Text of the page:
Historical fiction and pet projects
By Mary Rogers
There are lots of good books coming before summer’s end. Here are a few that interest me.
I’ve put a star beside Mercury Pictures Presents by Anthony Marra. It comes out Aug. 2 and, if you haven’t heard of it, here are a few notes. Marra, recognized as an exceptional storyteller, is not yet 40. In fact, he already was an award-winning writer of short fiction in 2014, when his debut novel, A Constellation of Vital Phenomena, landed on The New York Times bestseller list. Author Celeste Ng (Little Fires Everywhere) calls it “a moving and life-affirming novel that is a true joy to read.” Others echo that sentiment.
Well, I could use some life-affirming stuff; add joy, and I’m sold.
This is the story of Maria Lagana, who grows up in Rome skipping church on Sundays to go to the movies with her father. When he is arrested for some transgression, she and her mother immigrate to the United States.
Years pass, and Maria lands a job as an associate producer at Mercury Pictures. It sounds like a dream come true, but there are problems. Maria’s carefully constructed life is unraveling. Her mother won’t speak to her, her Chinese boyfriend is an actor who is constantly typecast, and her boss has been called to Washington by congressional investigators. Mercury Pictures is on the cusp of bankruptcy, and America is about to enter World War II.
When a stranger from her father’s past shows up, Maria is forced to come to terms with her dad’s fate and to consider her own destiny, as well. I can’t wait for this one.
On the nonfiction side of things, I usually go for historical works, biographies, memoirs, autobiographies, religious books, pop science and essays, but this time around I’m drawn to Good Grief: On Loving Pets, Here and Hereafter by E.B. Bartels. It sounds like a mishmash of self-help, sociology and animal care.
Like the author, I’ve had dozens of pets through the years. Some were rather unconventional, but there have been many, many cats and four dogs. Each was as unique and individual as a fingerprint or a DNA profile, and each brought me to a new level of understanding of life and, yes, love.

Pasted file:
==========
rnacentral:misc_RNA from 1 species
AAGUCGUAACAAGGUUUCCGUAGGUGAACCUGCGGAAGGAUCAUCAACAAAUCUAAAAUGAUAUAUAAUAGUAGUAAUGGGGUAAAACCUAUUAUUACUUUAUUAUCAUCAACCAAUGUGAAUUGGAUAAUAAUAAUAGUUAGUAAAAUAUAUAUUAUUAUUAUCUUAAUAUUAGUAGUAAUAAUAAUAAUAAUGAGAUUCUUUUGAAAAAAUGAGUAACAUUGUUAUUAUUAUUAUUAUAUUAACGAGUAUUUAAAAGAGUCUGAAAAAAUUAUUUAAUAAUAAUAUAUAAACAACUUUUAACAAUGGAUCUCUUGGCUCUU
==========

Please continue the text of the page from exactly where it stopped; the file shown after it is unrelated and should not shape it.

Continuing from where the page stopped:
My cats and dogs are no longer with us. Truman was a tiny bichon who joined our family, along with his brother, when the siblings were 6 weeks old. He died last July 9 as Charles, my husband, and I cradled him between us. It was about 6 in the evening when he suffered a massive stroke. He survived less than 15 minutes, outliving his brother by more than three years. I grieved for weeks.
Funeral customs for our fellow humans are a given, differing only culturally and from generation to generation. But ways to honor our animal friends are not so codified.
Bartels looks at pet deaths through the centuries and talks with vets, archeologists, ministers and others to explore the ways people memorialize their animal family.
This book is called “a big-hearted look” at the loss of an animal friend and a “cathartic companion” during such times. This sounds like it might be a good gift for a friend who has lost a beloved pet, so I will look to find it when it comes out Aug. 2.
While we’re talking about pets, I should also mention All-American Dogs: A History of Presidential Pets From Every Era by Andrew Hager.
Who knew that there is a Presidential Pet Museum? It’s in Annapolis, Maryland, and Hager is the historian-in-residence.
Full of pictures and original reporting, this book is filled with stories about people in power and the dogs who share their lives. George Washington had several American foxhounds, as well as black and tan coonhounds called Drunkard, Taster, Tipler and Tipsy. Polly, a parrot, belonged to his wife, Martha.
Abe Lincoln’s dog Fido was killed by a drunkard with a knife a few months after the president was assassinated. FDR’s dog Fala was a media favorite. Lyndon Johnson had lots of dogs, including Him and Her, a pair of beagles, and raised a few eyebrows by lifting Him by his ears for the media.
Presidents and their families have had plenty of unusual pets: goats, horses, rabbits, an opossum, lizards, ducks and more. President Howard Taft owned Pauline Wayne, the last cow to graze the White House lawn. But almost every president has been a dog lover.
This one comes out Aug. 9.
Mary Rogers is a Fort Worth-based freelance writer. Have a book or book club recommendation? Contact her at email@example.com.